How we test indoor aerials
We put every indoor TV aerial through a mixture of technical lab tests and real world assessments in actual homes. This enables us to give you expert and exhaustive verdicts you can trust.
Our unique testing can point you towards the Best Buy indoor aerials, and the ones that just aren't up to the job.
Read on to find out:
- What makes a Which? Best Buy indoor TV aerial
- How indoor TV aerials are tested in the lab
- How we check whether they work in real homes
- Should I buy it?
What makes a Best Buy indoor TV aerial?
You can't beat a good rooftop aerial for getting the best TV reception, but sometimes it's not an option. You may live in a block of flats, or already be using your roof aerial for another television.
In this case, a Best Buy indoor TV aerial can help you get a great TV picture, but bear in mind that where you live, the size of surrounding buildings and the position of the aerial all play their part.
We test indoor aerials in the lab and in real homes in both strong and weak signal areas. We also test that an aerial is easy to set-up and use, that the cable is a decent length and that any built-in amplifier actually improves the performance of the aerial (we find that some don't).
We also ensure that reception is good across all TV channels, meaning you should get all your favourite ones to watch. Best Buy indoor aerials excel across all these areas, and more.
Technical lab testing
We carry out a series of technical measurements in a radio-frequency (RF) anechoic test chamber. Using specialist equipment, we measure the bandwidth and response over the UHF TV band (channel 21 to channel 62). This helps us detect:
- How sensitive the aerials are for picking up even weak signals
- How well the aerial can cover all the frequencies required for digital TV
- For models with an amplifier, we check if it helps or disrupts the picture
If the indoor TV aerial has a 4G filter designed to block interference from mobile signals, we also check its effectiveness. Interference is possible because 4G services are delivered using airwaves close to the frequencies now used for Freeview.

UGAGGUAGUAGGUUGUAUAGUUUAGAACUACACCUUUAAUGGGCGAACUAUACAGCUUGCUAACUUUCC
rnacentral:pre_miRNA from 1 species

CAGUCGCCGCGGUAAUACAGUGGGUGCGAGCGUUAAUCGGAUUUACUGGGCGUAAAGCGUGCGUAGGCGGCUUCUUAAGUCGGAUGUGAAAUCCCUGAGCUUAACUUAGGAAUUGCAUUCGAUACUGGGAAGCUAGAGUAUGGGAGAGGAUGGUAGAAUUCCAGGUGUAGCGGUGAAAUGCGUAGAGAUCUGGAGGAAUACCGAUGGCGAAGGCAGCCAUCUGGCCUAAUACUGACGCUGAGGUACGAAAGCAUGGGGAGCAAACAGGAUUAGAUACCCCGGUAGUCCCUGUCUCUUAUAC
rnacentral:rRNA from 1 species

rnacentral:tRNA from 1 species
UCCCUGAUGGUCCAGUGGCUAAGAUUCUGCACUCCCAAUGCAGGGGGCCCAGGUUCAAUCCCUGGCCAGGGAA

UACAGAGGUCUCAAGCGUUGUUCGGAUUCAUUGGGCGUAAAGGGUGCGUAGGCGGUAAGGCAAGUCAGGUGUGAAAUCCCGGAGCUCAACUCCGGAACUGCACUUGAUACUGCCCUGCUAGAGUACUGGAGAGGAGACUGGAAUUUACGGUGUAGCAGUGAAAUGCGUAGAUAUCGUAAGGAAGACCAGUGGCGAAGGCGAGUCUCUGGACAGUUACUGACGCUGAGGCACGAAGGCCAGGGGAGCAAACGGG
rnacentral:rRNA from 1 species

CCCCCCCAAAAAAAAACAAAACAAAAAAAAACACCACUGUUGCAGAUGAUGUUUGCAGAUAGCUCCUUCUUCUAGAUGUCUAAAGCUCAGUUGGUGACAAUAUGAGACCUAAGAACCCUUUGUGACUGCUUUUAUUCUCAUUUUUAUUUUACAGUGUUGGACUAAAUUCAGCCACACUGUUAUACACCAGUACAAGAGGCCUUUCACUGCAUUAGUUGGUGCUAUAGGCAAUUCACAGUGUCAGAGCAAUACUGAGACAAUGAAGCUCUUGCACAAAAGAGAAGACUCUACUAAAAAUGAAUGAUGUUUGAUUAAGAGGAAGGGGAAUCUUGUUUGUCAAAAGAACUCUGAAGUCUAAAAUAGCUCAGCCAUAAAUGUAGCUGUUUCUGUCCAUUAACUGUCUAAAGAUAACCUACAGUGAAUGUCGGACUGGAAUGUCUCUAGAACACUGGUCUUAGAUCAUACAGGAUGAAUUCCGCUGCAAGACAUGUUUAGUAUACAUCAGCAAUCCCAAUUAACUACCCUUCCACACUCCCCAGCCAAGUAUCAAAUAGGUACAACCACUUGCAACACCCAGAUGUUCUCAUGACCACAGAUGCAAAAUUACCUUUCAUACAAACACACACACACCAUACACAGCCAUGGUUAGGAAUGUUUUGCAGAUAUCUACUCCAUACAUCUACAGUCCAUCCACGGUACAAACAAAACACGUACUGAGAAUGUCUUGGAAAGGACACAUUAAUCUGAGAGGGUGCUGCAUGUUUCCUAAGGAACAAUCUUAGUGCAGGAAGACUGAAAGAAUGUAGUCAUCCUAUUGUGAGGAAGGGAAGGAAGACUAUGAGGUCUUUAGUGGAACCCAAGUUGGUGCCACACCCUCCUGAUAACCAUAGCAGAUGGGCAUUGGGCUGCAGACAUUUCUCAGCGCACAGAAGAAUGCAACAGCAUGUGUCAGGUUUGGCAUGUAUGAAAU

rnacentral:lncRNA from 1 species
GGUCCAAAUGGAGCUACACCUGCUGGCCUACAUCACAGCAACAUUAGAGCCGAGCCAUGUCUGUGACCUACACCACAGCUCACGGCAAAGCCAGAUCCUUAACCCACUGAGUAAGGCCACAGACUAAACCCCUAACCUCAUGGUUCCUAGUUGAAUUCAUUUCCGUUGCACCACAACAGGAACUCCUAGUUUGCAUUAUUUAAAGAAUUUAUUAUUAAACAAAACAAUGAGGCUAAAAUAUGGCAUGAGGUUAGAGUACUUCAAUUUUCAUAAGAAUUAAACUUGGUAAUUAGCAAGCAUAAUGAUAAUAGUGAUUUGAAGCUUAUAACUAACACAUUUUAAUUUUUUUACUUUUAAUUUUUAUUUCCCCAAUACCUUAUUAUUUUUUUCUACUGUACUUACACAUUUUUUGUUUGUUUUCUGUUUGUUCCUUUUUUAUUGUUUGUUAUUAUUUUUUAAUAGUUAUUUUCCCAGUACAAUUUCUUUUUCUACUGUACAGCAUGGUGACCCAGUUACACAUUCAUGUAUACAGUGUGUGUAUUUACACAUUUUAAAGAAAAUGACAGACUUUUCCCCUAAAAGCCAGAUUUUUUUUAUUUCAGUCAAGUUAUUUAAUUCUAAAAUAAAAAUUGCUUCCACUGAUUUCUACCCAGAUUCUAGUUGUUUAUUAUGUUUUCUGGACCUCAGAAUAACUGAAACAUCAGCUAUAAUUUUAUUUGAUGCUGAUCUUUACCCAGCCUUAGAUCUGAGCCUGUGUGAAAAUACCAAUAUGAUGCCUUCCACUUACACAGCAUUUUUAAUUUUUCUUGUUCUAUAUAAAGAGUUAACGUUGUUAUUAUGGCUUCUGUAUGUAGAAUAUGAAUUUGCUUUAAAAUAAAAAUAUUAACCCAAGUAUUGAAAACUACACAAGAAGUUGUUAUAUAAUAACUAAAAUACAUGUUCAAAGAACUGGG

We find that 4G filters in some indoor TV aerials can activate too early and actually cause disruption in the picture. This will particularly affect people living in the few areas that use higher frequencies, notably channels 59 or 60, to receive TV.
Testing in real homes
Alongside the technical tests, we take indoor aerials into homes to see how they can handle real-world conditions. We use houses in two locations served by different types and strengths of TV transmitters.
Working in different rooms and on different floors, we find the optimal position and angle for each aerial, and note how important this positioning is for a good picture. Best Buy aerials can get a good picture easily and so positioning is less critical than poorer models.
Digital TV channels are grouped into bundles, called multiplexes, which are transmitted at different frequencies across the TV band. Poor reception in one part of the TV band could mean you miss out on some channels. So, we tune into six TV channels (one from each multiplex) plus two radio stations to see if the aerial can get full reception.
Should I buy it?
All data gathered on each indoor TV aerial during testing is carefully analysed by our experts, so that the highs and lows of every product are revealed.
If anything doesn't add up with an indoor aerial we will investigate further. If there's a clear fault, we will buy a replacement to see whether it's a one-off issue, or symptomatic of a larger problem.
Once we're happy with the data, we then calculate the overall test score using the below evaluation breakdown:
- Performance: 70%
- Set up and ease of use: 20%
- Build quality: 10%
All indoor TV aerials must score 70% or higher to qualify as a Best Buy. By choosing a Which? Best Buy indoor TV aerial, you'll be maximising your chances of getting good quality picture and sound, regardless of whether the signal is strong, medium or low.
Most aerials can handle strong signal areas, but poorer models struggle when the signal is medium or low. Some can't even get a picture at all unless the signal is really powerful - and that's not the case for most areas in the UK. Those that score less than 45% are considered a Don't Buy.